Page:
Opposition grows to planned Richmond post office closure

Elected officials, community campaigns to save Richmond post office

A community town hall is scheduled Thursday night in response to the U.S. Postal Service’s plans to close the branch at 1025 Nevin Ave. and possibly relocate services to the Richmond McVittie Detached Delivery Unit at 2100 Chanslor Ave.

The town hall — hosted by the Iron Triangle Neighborhood Council and co-organized by the offices of Mayor Tom Butt, Congressman Mark DeSaulnier and the Richmond Main Street Initiative — is set to be held at 6 p.m. at Nevin Community Center, 598 Nevin Ave.

USPS says it eventually plans to sell the property at 1025 Nevin Ave. as part of a cost-saving measure. A decline in mail volume and an increase in electronic communication has continued to reduce the federal department’s revenue, officials said.

But local elected officials and residents said closing the Richmond Main Post Office would create severe hardships for residents and businesses, pointing out the McVittie site is not accessible by public transportation and sits at the intersection of two dead-end streets.

Built in 1938 as a New Deal project, 1025 Nevin Ave. was also praised for its central location and historic and cultural value. The facility will also be needed in the next five years, according to RMSI Executive Director Amanda Elliott, when infill projects bring nearly 1,000 new housing units and 60,000-plus square feet of new retail to the downtown corridor.

RMSI has launched a website advocating for continuing USPS service at 1025 Nevin Ave.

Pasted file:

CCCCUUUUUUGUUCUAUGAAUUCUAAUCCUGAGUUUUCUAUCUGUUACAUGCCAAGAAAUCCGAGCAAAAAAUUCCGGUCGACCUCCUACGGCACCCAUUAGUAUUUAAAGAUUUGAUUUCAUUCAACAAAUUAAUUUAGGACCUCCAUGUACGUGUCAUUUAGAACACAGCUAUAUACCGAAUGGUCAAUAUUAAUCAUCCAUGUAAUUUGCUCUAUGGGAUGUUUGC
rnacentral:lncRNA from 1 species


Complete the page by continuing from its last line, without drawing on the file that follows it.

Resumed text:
1. I would say that the Postal Service is a very effective service, and that the closing of the downtown location would be a very short sighted business and economic decision. I have to believe the person making this decision for “economic” reasons doesn’t understand that there are already in the pipeline a large amount of new housing units in the immediate area of the Nevin St office, which is already in the best location to benefit from the new business that will bring. And they also don’t seem to understand that although nearby, the Chanslor site is a raggedy dump that no one will go to or use. The Postal Service will simply lose even more business that will likely be picked up by their generally inferior competitors.
    Consideration was given to the effects on the downtown development effort when Richmond was chosen to be the site of the Social Security Payment Center over competing sites in Oakland and San Francisco. Now that downtown development is finally beginning to get going let’s hope those making the decisions at the Postal Service do the same and slow down and think about the wisdom of closing a well placed and soon to be very needed site like 1025 Nevin st.